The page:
Insights Blog

The UK’s Financial Conduct Authority (FCA) has announced the date for cessation or loss of representativeness for LIBOR. In its announcement last Friday (5 March) (the FCA Announcement), it confirmed the date on which all LIBOR settings will either cease to be provided by any administrator or, if provided in ‘synthetic’ form, will no longer be representative will be:

  • 1 January 2022, in the case of all sterling, euro, Swiss franc and Japanese yen settings, and the 1-week and 2-month US dollar settings; and
  • 1 July 2023, in the case of the remaining US dollar settings.

The announcement follows notification from ICE Benchmark Administration Limited as the administrator of LIBOR (IBA) that it intends to cease providing all LIBOR settings for all currencies, subject to any rights of the FCA to compel the IBA to continue publication. However the FCA will consult on requiring IBA to continue to publish 1- month, 3-month and 6-month sterling, yen and US dollar LIBOR settings for a further period after the end of 2021 on a changed methodology basis using new powers that the UK government is proposing to grant to the FCA under the Financial Services Bill currently before UK Parliament. Such power to produce a ‘synthetic’ LIBOR is intended to reduce disruption for contracts without benchmark fallback provisions or where it would not otherwise be feasible to convert to an alternative reference rate (such as certain consumer loans) – so called ‘tough legacy’ contracts.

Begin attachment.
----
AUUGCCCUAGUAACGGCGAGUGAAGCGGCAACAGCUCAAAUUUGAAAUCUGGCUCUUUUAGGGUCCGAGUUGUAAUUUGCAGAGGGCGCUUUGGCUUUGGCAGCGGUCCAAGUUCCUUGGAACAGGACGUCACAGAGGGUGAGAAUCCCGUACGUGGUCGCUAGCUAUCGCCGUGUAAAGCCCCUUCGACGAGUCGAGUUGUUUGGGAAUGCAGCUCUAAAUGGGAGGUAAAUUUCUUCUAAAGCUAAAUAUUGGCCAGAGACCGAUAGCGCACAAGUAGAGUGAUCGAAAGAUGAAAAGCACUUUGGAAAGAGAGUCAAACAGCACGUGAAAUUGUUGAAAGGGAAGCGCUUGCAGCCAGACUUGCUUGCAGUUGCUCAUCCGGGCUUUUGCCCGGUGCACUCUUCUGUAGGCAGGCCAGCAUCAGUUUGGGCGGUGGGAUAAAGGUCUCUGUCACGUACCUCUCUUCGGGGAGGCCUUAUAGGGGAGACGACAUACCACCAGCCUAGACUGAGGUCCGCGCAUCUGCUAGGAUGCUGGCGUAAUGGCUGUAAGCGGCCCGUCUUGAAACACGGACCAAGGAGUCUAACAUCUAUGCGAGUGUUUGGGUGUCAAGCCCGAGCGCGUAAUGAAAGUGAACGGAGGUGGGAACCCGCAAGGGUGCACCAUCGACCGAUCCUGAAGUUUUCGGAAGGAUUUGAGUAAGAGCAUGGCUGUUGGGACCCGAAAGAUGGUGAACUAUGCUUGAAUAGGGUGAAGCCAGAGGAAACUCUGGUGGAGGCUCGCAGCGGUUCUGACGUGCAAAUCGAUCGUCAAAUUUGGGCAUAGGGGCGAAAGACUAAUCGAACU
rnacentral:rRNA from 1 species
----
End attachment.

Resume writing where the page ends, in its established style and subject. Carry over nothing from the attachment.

As discussed in our earlier briefing (Benchmark Reform: ISDA launches IBOR Fallbacks Supplement), ISDA has been facilitating and promoting use of contractual fallback provisions to mitigate the risks arising from IBOR discontinuance in the derivatives market. Following the FCA Announcement, ISDA published its Future Cessation and Non-Representativeness Guidance to describe how the terms of:

  • the ISDA 2020 IBOR Fallbacks Protocol (the IBOR Fallbacks Protocol) and related supplement to the 2006 ISDA Definitions (the IBOR Fallbacks Supplement); and
  • the 2006 ISDA Definitions Benchmarks Annex to the ISDA Benchmarks Supplement (the ISDA Benchmarks Supplement),

apply to the FCA Announcement.

Amongst the effects of the FCA announcements under the IBOR Fallbacks Protocol and IBOR Fallbacks Supplement are that:

  • the FCA Announcement constitutes an “Index Cessation Event” and the date of the FCA Announcement is a “Spread Adjustment Fixing Date” with respect to all thirty-five LIBOR settings currently published by the IBA; however
  • as the relevant “Index Cessation Effective Date” has not yet occurred, transition to alternative rates is not yet triggered under the fallback provisions of the IBOR Fallbacks Protocol.

The formal FCA Announcement marked an important milestone and brings the LIBOR-transition back into focus for market participants. Most recently, the Bank of England has joined its voice to the statements from the FCA and ISDA in urging market participants to continue with their risk-free rate transition in earnest.